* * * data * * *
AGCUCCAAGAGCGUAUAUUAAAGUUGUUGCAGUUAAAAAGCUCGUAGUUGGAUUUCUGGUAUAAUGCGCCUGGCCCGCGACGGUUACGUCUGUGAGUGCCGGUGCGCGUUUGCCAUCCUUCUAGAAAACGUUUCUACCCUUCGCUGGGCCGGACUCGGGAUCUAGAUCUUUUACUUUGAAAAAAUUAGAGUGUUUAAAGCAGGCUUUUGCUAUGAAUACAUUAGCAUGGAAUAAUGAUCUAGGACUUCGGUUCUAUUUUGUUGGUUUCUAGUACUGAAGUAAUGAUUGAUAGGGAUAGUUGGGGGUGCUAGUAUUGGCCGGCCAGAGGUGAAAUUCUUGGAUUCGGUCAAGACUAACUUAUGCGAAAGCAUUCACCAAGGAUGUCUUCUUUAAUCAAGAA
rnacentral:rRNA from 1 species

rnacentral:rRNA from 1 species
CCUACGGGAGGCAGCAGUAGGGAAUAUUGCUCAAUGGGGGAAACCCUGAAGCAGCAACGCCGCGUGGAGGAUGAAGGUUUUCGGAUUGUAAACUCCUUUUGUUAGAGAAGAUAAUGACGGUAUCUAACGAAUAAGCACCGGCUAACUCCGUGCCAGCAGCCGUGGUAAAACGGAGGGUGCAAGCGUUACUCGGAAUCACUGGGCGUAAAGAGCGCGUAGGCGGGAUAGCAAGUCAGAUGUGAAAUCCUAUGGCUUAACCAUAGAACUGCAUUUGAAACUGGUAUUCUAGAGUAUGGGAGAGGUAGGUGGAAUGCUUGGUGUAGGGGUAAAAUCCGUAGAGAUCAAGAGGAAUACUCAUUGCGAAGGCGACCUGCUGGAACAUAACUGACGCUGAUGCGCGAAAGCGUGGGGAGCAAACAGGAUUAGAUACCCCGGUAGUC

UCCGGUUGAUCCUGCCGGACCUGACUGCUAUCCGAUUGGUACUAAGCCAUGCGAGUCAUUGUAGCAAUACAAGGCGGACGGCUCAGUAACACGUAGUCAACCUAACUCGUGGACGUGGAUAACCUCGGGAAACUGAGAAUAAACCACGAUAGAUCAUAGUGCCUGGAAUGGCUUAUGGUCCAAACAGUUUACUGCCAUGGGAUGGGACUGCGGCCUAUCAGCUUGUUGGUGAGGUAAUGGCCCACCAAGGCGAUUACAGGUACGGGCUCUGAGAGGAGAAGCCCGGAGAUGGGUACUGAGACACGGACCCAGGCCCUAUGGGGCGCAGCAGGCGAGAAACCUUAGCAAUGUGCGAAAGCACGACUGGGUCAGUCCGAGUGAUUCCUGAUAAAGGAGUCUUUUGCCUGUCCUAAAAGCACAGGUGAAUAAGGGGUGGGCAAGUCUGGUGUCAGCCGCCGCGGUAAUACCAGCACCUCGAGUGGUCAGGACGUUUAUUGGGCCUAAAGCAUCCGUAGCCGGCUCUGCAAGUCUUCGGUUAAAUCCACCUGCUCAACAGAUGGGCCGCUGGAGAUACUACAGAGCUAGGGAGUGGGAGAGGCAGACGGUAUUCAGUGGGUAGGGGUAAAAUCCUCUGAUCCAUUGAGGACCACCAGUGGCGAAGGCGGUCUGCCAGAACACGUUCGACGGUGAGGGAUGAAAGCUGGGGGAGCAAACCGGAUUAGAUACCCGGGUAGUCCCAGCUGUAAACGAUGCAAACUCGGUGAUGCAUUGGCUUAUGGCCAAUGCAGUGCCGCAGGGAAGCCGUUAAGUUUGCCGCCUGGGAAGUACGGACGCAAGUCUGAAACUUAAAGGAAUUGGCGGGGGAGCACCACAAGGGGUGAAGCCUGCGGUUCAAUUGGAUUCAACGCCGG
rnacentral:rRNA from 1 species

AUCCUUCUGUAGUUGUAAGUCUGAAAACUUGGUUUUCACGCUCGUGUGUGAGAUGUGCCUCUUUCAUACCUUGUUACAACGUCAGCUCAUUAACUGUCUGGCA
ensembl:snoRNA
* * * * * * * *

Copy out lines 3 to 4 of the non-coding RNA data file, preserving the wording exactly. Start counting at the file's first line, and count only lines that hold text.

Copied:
rnacentral:rRNA from 1 species
CCUACGGGAGGCAGCAGUAGGGAAUAUUGCUCAAUGGGGGAAACCCUGAAGCAGCAACGCCGCGUGGAGGAUGAAGGUUUUCGGAUUGUAAACUCCUUUUGUUAGAGAAGAUAAUGACGGUAUCUAACGAAUAAGCACCGGCUAACUCCGUGCCAGCAGCCGUGGUAAAACGGAGGGUGCAAGCGUUACUCGGAAUCACUGGGCGUAAAGAGCGCGUAGGCGGGAUAGCAAGUCAGAUGUGAAAUCCUAUGGCUUAACCAUAGAACUGCAUUUGAAACUGGUAUUCUAGAGUAUGGGAGAGGUAGGUGGAAUGCUUGGUGUAGGGGUAAAAUCCGUAGAGAUCAAGAGGAAUACUCAUUGCGAAGGCGACCUGCUGGAACAUAACUGACGCUGAUGCGCGAAAGCGUGGGGAGCAAACAGGAUUAGAUACCCCGGUAGUC